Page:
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Forget Marcelo Bielsa, why the future remains bright for Marseille (Talking Points: Week 1)

Eric Devin returns with his Ligue 1 Talking Points column after the first weekend of French top flight action took place.

It is never fun to lose one’s home opener, something that hurts double if one is one of France’s biggest clubs and one’s guests are one of last year’s strugglers who have had important parts of their team shorn away. It doesn’t matter if one has lost what were arguably one’s four best players last year, or that one’s team’s centre back pairing on the evening are both only 20 years of age, if one is a true fan, one wants to taste victory no matter the cost.  

Understanding all of this, one can thus come to comprehend the ire at the Velodrome this last Saturday night. Facing a Caen side without the influential N’Golo Kante, Thomas Lemar or loanee striker Emiliano Sala, expectations were high, especially with the prospect of another season with Marcelo Bielsa at the helm.

The losses of Dimitri Payet, Andre Ayew, Gianelli Imbula and Andre-Pierre Gignac would sting, but there seemed to be ready-made replacements for all of them. Abdelaziz Barrada would be a natural replacement for Payet, Florian Thauvin could be a more natural fit on the left, and Michy Batshuayi had showed himself to be on the brink of greatness. That was the company line, anyway.

Despite all of the aforementioned three having solid matches, defensive midfield is where Marseille suffered the most, allowing a Caen team not necessarily blessed with pace to over-run them at every opportunity. With Marcelo Bielsa playing in his favoured 4-2-3-1, Mario Lemina and Alaixys Romao took up the defensive midfield roles, Lemina playing slightly ahead of the Togolese.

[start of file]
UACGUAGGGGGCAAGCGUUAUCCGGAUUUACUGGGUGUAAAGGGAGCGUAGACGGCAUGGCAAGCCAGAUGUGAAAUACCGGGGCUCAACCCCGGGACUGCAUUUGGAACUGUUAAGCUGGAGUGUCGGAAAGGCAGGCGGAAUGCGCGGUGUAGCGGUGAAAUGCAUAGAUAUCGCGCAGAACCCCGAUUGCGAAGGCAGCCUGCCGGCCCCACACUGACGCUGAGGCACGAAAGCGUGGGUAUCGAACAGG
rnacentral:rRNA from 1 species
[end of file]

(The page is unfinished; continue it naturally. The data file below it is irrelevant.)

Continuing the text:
Last season, Lemina was to Marseille what Phil Jones has been to Manchester United. Playing at right back, in defensive midfield or wherever “El Loco” desired his services, the youngster’s versatility was key to Marseille being able to pick a cohesive starting eleven on more than one occasion, especially with Nicolas N’Koulou missing large swathes of the season due to injury.

Lemina had a decent enough match, but Romao was perhaps the poorest performer for Marseille. Normally a reliable, almost metronomic presence at the base of midfield, his passing was poor, and his tackling even more so.

Set to turn 32 before the season’s end, Romao looked direly off the pace, and certainly not a player fit to push for the Champions’ League places as the club had last year. With Abou Diaby and Lass Diarra waiting in the wings, the hope is that one or the other of these two vastly, experienced former internationals be match-fit to play alongside Lemina sooner rather than later. 

While it may see a bit strange to hammer Marseille’s defensive midfield so much, particularly as they failed to score, there is indeed a logic to my point here. Marseille are not going to be title challengers, or likely even the Champions’ League challengers of last year, but they do boast an extremely young squad that is filled with a plethora of young, exciting, players.

Brice Dja Djedje was the oldest of the back four this past Saturday, bt besides Delort’s goal, Steve Mandanda had relatively little to do. Both new signing Karim Rekik and Stephane Sparagna look accomplished in the tackle and with the ball at their feet, able to dribble forward from central defence if needs be.

Further forward, Batshuayi was unlucky not to have scored at least once, Florian Thauvin turned in an uncharacteristically gritty performance and Barrada did his best Dimitri Payet impression, showing a willingness not only to pass but to take on a shot when need be. While Romain Alessandrini didn’t have his best showing, his replacement, Lucas Ocampos, now a permanent signing after being on loan for Monaco last season, did quite well in his stead. I could go on, but my point has hopefully been made by now. 

Despite the disappointment of this result, with the exception of defensive midfield, Marseille are young, dynamic and have a potential-filled squad. If the defensive midfield ever does get sussed out, these youngsters have every chance to coalesce as Lyon’s did over the past few seasons, re-forging Les Phoceens into a title contender.

While his unstable contract situation is more likely to blame than the talent available to him, for Bielsa to leave so much on the table in terms of young talent is really a surprise, given the Argentine’s reputation for developing youth.

Whether interim manager Franck Passi receives the job full time, or another, bigger name comes to take Bielsa’s place, the cupboard is far from bare, and should the next manager place his faith in youth, he could be rewarded beyond what most would have expected in the aftermath of “El Loco’s” departure. 

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